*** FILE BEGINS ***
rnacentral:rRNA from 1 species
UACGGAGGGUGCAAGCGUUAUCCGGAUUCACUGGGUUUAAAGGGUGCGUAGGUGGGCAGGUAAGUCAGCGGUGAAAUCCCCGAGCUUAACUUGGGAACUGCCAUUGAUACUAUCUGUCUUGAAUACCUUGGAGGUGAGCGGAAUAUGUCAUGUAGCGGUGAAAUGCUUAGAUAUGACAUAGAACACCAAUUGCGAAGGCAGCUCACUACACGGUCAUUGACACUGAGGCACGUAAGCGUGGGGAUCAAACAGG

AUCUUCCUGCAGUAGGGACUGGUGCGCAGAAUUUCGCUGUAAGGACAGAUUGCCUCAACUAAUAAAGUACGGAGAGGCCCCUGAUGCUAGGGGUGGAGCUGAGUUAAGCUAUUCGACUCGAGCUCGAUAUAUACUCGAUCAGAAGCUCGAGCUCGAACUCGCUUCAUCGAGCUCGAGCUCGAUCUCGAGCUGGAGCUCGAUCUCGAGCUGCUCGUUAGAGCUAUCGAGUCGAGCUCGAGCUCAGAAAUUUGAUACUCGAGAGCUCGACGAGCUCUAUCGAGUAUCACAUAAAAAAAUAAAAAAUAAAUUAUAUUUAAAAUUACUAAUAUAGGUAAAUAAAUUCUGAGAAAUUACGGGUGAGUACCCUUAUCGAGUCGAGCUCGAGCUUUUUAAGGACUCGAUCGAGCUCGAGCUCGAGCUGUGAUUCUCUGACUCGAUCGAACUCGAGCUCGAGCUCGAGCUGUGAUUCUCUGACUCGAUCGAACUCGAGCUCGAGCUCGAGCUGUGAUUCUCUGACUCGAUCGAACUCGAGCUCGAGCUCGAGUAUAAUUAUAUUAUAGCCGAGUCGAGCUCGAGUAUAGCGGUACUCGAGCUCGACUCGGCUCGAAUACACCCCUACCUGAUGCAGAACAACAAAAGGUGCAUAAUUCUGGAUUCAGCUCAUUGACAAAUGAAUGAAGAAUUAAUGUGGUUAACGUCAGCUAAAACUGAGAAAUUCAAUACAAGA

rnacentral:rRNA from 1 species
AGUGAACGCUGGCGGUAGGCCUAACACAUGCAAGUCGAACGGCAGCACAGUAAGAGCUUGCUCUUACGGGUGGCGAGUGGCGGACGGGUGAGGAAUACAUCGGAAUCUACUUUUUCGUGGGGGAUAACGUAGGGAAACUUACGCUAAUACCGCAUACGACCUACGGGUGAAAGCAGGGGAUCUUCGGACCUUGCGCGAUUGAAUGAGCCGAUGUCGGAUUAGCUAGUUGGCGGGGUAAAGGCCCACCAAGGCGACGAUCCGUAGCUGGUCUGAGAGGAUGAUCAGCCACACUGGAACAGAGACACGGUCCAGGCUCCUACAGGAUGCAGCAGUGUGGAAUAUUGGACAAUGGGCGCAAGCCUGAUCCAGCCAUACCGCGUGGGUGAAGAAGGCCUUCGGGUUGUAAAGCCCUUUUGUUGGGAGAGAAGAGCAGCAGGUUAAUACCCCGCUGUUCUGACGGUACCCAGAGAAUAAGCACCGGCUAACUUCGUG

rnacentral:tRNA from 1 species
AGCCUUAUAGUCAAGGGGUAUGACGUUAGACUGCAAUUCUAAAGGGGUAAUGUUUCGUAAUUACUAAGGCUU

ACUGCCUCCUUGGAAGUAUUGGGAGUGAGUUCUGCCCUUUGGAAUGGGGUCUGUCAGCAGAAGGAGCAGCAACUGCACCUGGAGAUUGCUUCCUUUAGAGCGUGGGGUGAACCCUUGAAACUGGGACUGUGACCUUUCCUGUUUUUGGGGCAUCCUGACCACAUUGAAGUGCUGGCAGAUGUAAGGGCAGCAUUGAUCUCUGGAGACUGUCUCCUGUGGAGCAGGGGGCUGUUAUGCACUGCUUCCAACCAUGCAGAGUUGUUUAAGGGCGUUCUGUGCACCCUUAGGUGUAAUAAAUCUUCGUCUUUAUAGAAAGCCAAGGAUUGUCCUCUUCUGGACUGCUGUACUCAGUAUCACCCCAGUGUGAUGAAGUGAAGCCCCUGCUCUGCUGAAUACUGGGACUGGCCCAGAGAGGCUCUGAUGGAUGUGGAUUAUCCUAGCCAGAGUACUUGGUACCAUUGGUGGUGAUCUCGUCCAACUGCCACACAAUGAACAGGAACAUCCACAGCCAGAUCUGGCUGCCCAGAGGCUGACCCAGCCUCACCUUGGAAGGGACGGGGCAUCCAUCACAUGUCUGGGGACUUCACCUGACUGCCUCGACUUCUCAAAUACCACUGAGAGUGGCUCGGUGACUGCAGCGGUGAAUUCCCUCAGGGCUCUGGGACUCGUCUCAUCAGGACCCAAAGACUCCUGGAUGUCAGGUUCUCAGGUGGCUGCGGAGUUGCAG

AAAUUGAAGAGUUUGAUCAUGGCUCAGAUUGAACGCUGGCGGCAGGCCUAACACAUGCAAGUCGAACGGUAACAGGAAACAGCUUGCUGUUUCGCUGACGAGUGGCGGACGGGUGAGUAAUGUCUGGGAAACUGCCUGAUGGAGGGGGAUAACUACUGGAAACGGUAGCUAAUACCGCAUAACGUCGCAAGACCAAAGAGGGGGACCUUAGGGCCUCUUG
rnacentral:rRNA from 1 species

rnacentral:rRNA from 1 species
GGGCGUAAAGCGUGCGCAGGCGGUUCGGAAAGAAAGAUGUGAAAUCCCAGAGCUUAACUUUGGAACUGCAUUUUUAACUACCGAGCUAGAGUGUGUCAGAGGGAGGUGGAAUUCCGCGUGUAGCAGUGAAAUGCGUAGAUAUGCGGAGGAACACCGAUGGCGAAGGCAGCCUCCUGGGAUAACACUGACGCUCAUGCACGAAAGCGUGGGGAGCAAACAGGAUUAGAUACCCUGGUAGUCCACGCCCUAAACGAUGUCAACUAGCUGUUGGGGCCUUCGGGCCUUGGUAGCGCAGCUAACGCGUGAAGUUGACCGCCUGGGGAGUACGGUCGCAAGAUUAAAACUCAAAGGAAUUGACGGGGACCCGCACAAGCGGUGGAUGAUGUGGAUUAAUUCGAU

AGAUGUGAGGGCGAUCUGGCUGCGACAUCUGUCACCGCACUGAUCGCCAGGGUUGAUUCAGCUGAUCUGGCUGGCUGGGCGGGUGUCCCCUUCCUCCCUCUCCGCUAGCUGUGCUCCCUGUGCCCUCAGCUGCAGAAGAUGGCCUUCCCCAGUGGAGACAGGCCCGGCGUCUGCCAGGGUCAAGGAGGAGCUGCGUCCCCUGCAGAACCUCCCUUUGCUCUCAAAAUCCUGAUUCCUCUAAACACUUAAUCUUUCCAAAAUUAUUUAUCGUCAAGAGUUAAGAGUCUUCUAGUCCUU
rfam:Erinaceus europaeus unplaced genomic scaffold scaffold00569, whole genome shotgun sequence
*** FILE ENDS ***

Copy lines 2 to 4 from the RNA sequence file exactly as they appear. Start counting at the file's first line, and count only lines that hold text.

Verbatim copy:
UACGGAGGGUGCAAGCGUUAUCCGGAUUCACUGGGUUUAAAGGGUGCGUAGGUGGGCAGGUAAGUCAGCGGUGAAAUCCCCGAGCUUAACUUGGGAACUGCCAUUGAUACUAUCUGUCUUGAAUACCUUGGAGGUGAGCGGAAUAUGUCAUGUAGCGGUGAAAUGCUUAGAUAUGACAUAGAACACCAAUUGCGAAGGCAGCUCACUACACGGUCAUUGACACUGAGGCACGUAAGCGUGGGGAUCAAACAGG

AUCUUCCUGCAGUAGGGACUGGUGCGCAGAAUUUCGCUGUAAGGACAGAUUGCCUCAACUAAUAAAGUACGGAGAGGCCCCUGAUGCUAGGGGUGGAGCUGAGUUAAGCUAUUCGACUCGAGCUCGAUAUAUACUCGAUCAGAAGCUCGAGCUCGAACUCGCUUCAUCGAGCUCGAGCUCGAUCUCGAGCUGGAGCUCGAUCUCGAGCUGCUCGUUAGAGCUAUCGAGUCGAGCUCGAGCUCAGAAAUUUGAUACUCGAGAGCUCGACGAGCUCUAUCGAGUAUCACAUAAAAAAAUAAAAAAUAAAUUAUAUUUAAAAUUACUAAUAUAGGUAAAUAAAUUCUGAGAAAUUACGGGUGAGUACCCUUAUCGAGUCGAGCUCGAGCUUUUUAAGGACUCGAUCGAGCUCGAGCUCGAGCUGUGAUUCUCUGACUCGAUCGAACUCGAGCUCGAGCUCGAGCUGUGAUUCUCUGACUCGAUCGAACUCGAGCUCGAGCUCGAGCUGUGAUUCUCUGACUCGAUCGAACUCGAGCUCGAGCUCGAGUAUAAUUAUAUUAUAGCCGAGUCGAGCUCGAGUAUAGCGGUACUCGAGCUCGACUCGGCUCGAAUACACCCCUACCUGAUGCAGAACAACAAAAGGUGCAUAAUUCUGGAUUCAGCUCAUUGACAAAUGAAUGAAGAAUUAAUGUGGUUAACGUCAGCUAAAACUGAGAAAUUCAAUACAAGA

rnacentral:rRNA from 1 species